Historic houses still standing at Lake Junaluska
When a group of Methodists, led by Bishop James Atkins and the Rev. George Rutledge Stuart, purchased 1,200 acres in Haywood County in 1913 to develop a lakeside conference center and retreat, portions of the land were sold to individuals for housing or as campsites.
By late 1913, a hotel and 13 houses were under construction. Eleven of the historic houses are still standing, including the houses that were built for Atkins and Stuart.
The Junaluska Construction Company was established and built the initial houses for $1,600 each. The home of C.E. Weatherby is believed to have been the first house completed in 1913, according to “The Antechamber of Heaven: A History of Lake Junaluska,” by the Rev. Bill Lowry, historian and a volunteer consultant at the Lake Junaluska Heritage Center and a resident of Lake Junaluska.
The original houses that are still at the lake include Atkins’ house at 979 Lakeshore Drive, which is now the Sunset Inn; and Stuart’s house at 489 N. Lakeshore Drive. Of the 13 original houses, three no longer exist.
Art O’Neil resides in one of the original 13 houses. He also owns the Sunset Inn, which is the house built for Atkins. O’Neil opened the inn at one time as a restaurant, but it is now for sale, he said.
O’Neil’s father and grandfather were Methodist ministers and his family often visited Lake Junaluska for summer vacations. He left Atlanta 20 years ago to move in to the family home at Lake Junaluska. Now, he says it’s like being on vacation all the time.
“When I sit out on my front porch and look out over the lake, I almost have to pinch myself to know I’m not dreaming,” he said.
When the first houses were built at Lake Junaluska, there were no paved roads and water came from five springs located on the north side of the lake. The springs served as coolers for perishable foods.
Junaluska Supply was built by Jerry Liner in 1921 near the east entrance to the lake and served as the primary source for groceries, clothing, building materials and gasoline. After it was destroyed by fire in 1940, Liner replaced it with a larger store.
The new store included a lunch counter and post office and was touted as the largest store west of Asheville. It closed in 1977 and the building was purchased by the Lake Junaluska Conference and Retreat Center. A few years later it was demolished to make room for new condominiums.
According to the following accounts provided by Lowry, early construction would eventually include several hotels to provide lodging for the summer guests.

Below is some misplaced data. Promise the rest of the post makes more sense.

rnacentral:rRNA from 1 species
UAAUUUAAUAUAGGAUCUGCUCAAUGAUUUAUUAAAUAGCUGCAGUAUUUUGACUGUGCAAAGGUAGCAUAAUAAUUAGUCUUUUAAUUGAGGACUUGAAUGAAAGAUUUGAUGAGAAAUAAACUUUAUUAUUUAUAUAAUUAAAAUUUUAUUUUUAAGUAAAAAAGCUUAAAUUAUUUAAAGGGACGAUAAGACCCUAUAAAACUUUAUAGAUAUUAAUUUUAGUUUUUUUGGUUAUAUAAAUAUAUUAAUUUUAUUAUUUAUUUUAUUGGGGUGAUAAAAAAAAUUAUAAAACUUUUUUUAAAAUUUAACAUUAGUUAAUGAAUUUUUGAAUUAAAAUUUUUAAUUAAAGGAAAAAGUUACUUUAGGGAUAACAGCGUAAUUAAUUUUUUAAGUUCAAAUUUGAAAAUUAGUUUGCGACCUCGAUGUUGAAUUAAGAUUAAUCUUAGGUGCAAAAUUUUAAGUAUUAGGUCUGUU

The first hotel was the Auditorium Hotel, which was completed in 1914 and destroyed six years later by a fire. The Junaluska Inn was built in 1917 at the site where the Lambuth Inn now stands, but it too was destroyed by fire the following year.
“The remarkable thing about those two major hotel fires is that there were no injuries or fatalities,” the Rev. Lowry said. “There was no fire department at that time and no way to fight the fires,” he said.
After the Junaluska Inn burned down, the Junaluska Hotel Company purchased the College Inn that J.M. Rhodes, then president at Louisburg College, had started. Rhodes ran out of money and could not complete the inn, so it was dubbed “Rhodes’ Folly.”
The Junaluska Hotel Company named the new building, which was completed in 1920, the Terrace Hotel. That building was demolished in 1973 and the existing hotel was completed in 1977.
Stuart’s Epworth Lodge and James Cannon Virginia Lodge were built in 1917 and work began on the College Inn. Stuart’s house, Winona, still stands near the Paul Kern Youth Center near the west entrance to the grounds.
The Lambuth Inn, completed in 1921, was initially known as the Centenary Mission Inn. The original center section of the Lambuth Inn is on the National Register of Historic Sites. The Centenary Mission Inn was renamed the Lambuth Inn in honor of Bishop Walter Russell Lambuth. In 1956, the inn was remodeled and the west wing was built, with the east wing completed in 1964.
The Colonial Hotel, built in 1922 and still standing near the present Memorial Chapel, served for years as housing for the Snyder School and in 1971 was donated to the Lake Junaluska Conference and Retreat Center by George Finch.